Theresa May has issued a desperate plea to Conservative MPs to unite and deliver on Brexit, urging her party to “move beyond what divides us” and sacrifice “personal preferences” for the national interest.
The British Prime Minister’s rallying cry follows another tumultuous week in Westminster which saw tensions in the party reach boiling point, with one minister accusing Eurosceptic colleagues of “treachery”.
Mrs May, in a letter to all 317 Conservative MPs after her Brexit plans suffered a humiliating Commons defeat on Valentine’s Day, said the result was “disappointing” but vowed that the British Government would continue its work to secure changes to the Irish border backstop.
She announced that she will return to Brussels for further talks with European Commission president Jean-Claude Juncker next week, and revealed plans to speak to the leaders of every EU member state over the coming days.
Meanwhile, the UK's Brexit Secretary Stephen Barclay will meet the EU’s chief negotiator Michel Barnier on Monday to discuss the proposals of the Alternative Arrangements Working Group of Tories, who have been seeking a compromise solution to avoid the need for backstop.
And British Attorney General Geoffrey Cox will set out what changes would be required to eliminate the legal risk of being indefinitely trapped in the controversial Irish backstop in a speech on Tuesday.
In an appeal for unity 41 days before Britain’s scheduled departure, she said as party leader she had sought to “steer a course that can unite all pragmatic points of view behind a clear and coherent policy” which honours the referendum and leaves the EU with a negotiated deal.
“History will judge us all for the parts we have played in this process. I believe that a country with our innate strengths, enviable resources, and enormous talent can face the future with confidence that our best days lie ahead. But we stand now at a crucial moment.
“I do not underestimate how deeply or how sincerely colleagues hold the views which they do on this important issue – or that we are all motivated by a common desire to do what is best for our country, even if we disagree on the means of doing so.
“But I believe that a failure to make the compromises necessary to reach and take through Parliament a Withdrawal Agreement which delivers on the result of the referendum will let down the people who sent us to represent them and risk the bright future that they all deserve.”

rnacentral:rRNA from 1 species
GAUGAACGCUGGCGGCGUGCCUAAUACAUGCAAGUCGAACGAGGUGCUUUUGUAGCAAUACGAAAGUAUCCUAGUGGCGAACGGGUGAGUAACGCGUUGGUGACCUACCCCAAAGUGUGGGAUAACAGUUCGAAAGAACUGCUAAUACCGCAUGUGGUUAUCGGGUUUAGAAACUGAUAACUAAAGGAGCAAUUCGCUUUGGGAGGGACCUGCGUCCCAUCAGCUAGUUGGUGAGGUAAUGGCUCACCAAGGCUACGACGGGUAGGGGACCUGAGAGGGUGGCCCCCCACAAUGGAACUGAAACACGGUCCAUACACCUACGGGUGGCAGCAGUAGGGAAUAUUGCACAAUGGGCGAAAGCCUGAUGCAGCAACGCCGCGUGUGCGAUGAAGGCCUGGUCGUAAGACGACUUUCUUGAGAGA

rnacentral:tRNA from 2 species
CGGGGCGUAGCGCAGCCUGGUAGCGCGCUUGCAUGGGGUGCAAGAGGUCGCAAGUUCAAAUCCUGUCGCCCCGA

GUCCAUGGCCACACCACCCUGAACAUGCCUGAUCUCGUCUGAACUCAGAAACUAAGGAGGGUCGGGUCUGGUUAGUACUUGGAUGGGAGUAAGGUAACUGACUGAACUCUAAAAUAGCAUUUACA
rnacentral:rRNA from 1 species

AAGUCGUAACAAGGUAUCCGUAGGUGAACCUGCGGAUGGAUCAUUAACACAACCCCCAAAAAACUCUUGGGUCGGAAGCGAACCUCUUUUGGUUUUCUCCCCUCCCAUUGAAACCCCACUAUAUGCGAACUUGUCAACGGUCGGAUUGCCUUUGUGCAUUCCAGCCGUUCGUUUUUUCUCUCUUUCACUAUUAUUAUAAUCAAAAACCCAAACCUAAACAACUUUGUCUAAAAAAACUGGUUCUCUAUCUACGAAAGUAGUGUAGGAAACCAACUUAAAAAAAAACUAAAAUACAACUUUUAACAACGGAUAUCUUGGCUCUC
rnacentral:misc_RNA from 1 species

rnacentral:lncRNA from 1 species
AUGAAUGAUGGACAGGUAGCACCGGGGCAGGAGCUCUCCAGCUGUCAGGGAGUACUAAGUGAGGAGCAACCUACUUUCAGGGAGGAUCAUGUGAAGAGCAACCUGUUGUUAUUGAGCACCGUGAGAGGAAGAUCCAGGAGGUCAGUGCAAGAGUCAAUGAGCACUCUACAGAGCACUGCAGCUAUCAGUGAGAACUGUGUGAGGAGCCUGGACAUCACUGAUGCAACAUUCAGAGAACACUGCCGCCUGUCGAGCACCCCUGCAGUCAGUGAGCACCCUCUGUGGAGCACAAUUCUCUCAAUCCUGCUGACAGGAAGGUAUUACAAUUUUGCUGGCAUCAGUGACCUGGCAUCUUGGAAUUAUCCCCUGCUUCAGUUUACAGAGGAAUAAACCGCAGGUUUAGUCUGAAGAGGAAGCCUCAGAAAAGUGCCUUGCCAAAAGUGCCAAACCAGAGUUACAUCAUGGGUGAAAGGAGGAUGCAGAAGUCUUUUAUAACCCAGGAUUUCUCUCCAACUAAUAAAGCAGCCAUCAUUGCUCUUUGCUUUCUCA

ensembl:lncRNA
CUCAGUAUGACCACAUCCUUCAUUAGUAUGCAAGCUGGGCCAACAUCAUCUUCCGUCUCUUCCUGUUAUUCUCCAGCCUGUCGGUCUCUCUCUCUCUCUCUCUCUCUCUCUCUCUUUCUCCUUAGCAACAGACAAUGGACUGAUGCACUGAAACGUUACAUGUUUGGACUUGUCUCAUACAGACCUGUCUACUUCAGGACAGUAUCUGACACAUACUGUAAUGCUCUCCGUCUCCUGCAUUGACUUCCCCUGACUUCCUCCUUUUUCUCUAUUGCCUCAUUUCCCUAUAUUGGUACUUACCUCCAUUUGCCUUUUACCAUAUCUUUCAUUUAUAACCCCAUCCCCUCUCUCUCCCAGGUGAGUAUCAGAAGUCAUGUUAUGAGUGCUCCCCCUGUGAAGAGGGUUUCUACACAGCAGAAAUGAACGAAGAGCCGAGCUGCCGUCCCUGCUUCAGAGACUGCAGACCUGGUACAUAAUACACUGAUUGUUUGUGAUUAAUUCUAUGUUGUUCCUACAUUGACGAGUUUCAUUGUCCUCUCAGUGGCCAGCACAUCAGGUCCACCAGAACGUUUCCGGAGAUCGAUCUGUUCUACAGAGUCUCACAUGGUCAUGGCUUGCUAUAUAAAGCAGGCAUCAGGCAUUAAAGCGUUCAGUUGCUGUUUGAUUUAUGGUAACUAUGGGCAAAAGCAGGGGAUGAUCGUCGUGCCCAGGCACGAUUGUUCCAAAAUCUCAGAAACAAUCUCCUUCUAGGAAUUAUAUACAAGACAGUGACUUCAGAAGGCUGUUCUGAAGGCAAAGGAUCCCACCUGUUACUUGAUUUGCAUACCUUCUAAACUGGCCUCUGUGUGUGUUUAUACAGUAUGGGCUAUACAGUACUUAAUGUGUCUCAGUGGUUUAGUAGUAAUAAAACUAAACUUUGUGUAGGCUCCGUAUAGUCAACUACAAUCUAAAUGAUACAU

She reiterated that without a Withdrawal Agreement the UK risks a “combination forming in Parliament that will stop Brexit altogether, whatever the long-term consequences for trust in our democracy”.
It was confirmed last week that Labour will back a cross-party plan from backbencher Yvette Cooper – expected to go to a vote on February 27 – which would force the Government to conclude its deal by March 13 or allow MPs to vote on no-deal or a second referendum.
Mrs May also warned the UK could leave without a deal or an implementation period if Parliament fails to unite behind a plan.
“Instead, our party can do what it has done so often in the past: move beyond what divides us and come together behind what unites us; sacrifice if necessary our own personal preferences in the higher service of the national interest; and rise to the level of events in a way that restores the faith of the British people in our political process,” she said.
Meanwhile, The Sunday Times reported that former Brexit minister Steve Baker told colleagues Mrs May’s Brexit negotiations with Brussels were a “complete waste of time”.
It came as:
– International Trade Secretary Liam Fox told the Sunday Telegraph EU leaders were threatening their economies and risking defeats in upcoming elections if they failed to reach a Brexit agreement.
– CBI director general Carolyn Fairbairn warned in the Sunday Times that Britain risks “slipping into an economic crisis” unless MPs stop a no-deal Brexit.
– Senior Tory Sir Graham Brady urged his colleagues to “pull together behind the Prime Minister for that final push to Brexit on 29th March”.
Former British prime minister Tony Blair told the Sunday Times that Labour risked losing voters if its position of “constructive ambiguity” becomes “destructive indecision”, as he urged the party he once led to advocate a second referendum.
He said: “The risk for Labour is that over time what has been described as constructive ambiguity becomes destructive indecision, losing votes from leave people who think you’re not really leave, and remain people who think you’re not really for remain. I don’t think it’s the right political strategy.”
And Mr Blair warned that confidence in “the economic and the political management” of the country was being eroded because those governing the country are prepared to contemplate a no-deal Brexit.
“I’ve never known a situation like this where you literally have people who are reasonably senior politicians doing this ‘no deal, no problem’ kind of stuff. How can anyone, if they’re talking to people in business about no deal and the consequences, seriously just sit there and say that it will all be fine?,” he said.
- Press Association